With the countdown to Halloween underway, we shall have horror, and lots of it.
An American Haunting (2005)
This film is supposedly based on true events, the story of the Bell Witch, a case of possession which allegedly took place in rural America in the early eighteen hundreds. It opens in the present day with a woman finding a stash of ancient documents that tell the story, and ends with a twist that has implications for her own daughter, a rather neat if obvious framing device. Back in ye olde times, Donald Sutherland as Bell patriarch John has just been found guilty of trying to steal land from a woman with a reputation for witchcraft (oops!). She curses him and his family, and subsequently daughter Betsy (Rachel Hurd Wood) becomes the focus for a series of attacks from a vicious entity. Cue the usual panoply of supernatural effects, including bedsheets being pulled back, visions of a young child with a rotting face, Betsy being dragged by her hair and lifted into the air, all of which is enough to convince the doubters, but nobody has a solution and as the situation deteriorates John himself becomes ill in his attempts to save his daughter. The alleged witch denies culpability, telling John that he has cursed himself. And so we plough on to the final revelation, and a twist that gives a psychological explanation for all that has occurred, though given the phenomena portrayed it might as well have been a supernatural cause. It was all rather obvious to my mind, the kind of thing horror fans will have seen plenty of times before, though I did like the underplayed end twist come reveal, and thought the cast were excellent, especially the leads (Sutherland, Hurd Wood, and Sissy Spacek as the mother). It didn’t scare me, but it didn’t insult my intelligence either, and the portraits of both a family in crisis, and a society on the cusp between superstition and rationalism were done well. I’m happy to have watched it.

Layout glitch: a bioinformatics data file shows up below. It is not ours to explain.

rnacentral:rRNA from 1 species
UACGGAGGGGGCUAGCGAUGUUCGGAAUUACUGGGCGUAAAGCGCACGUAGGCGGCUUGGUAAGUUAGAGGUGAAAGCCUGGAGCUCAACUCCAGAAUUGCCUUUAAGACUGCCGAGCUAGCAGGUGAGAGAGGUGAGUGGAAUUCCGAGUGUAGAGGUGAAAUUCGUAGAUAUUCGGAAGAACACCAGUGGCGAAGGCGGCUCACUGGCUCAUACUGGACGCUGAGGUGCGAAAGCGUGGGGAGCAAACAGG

The Rite (2011)
What they needed back in ye olde times was a hot shit exorcist, and this film has one in the person of Anthony Hopkins as Father Lucas. It also is based on a true story, the spiritual journey of young priest Michael Kovak (Colin O’Donoghue), who pretends to a faith he doesn’t possess so that the Catholic Church will pay his student loan, after which he will resign from the priesthood. God and the director have other plans for him though. Michael is sent to Rome to train as an exorcist, and there he encounters crusty old Father Lucas, witnessing his work and having all his doubts overturned, to the point that when the older priest is himself possessed Michael has the strength and belief sufficient to exorcise him. The moral here is, of course, rather obvious, that if we allow the existence of demons etc., then that of God also follows (strictly speaking that needn’t be the case, but it’s a well-established trope of the horror genre). Hopkins, as ever, is excellent in the role of Father Lucas, kind hearted but also with a barbed tongue and slightly intolerant of time wasters (think Hannibal crossed with Cadfael), and beyond that a man who is his own worst critic, who cannot in good conscience deal with the idea that he may have failed somebody who came to him for help. Lucas’ trauma, both emotional and intellectual, after a young woman in his care dies is strongly put over and affective. Similarly the details of the exorcism ceremony are well realised on the screen, with understated effects, but enough of the paranormal to show that what’s happening to the victim isn’t simply a variation on mental illness. At the end, well the tension isn’t quite enough to hold the viewer spellbound, and how you regard the film may in large part depend on your own attitude to faith (for me, it was an advert and rationalisation of a religion I don’t believe in, which somewhat undermined the impact of the narrative). I doubt that I will watch it again, or keep the DVD in my collection for long.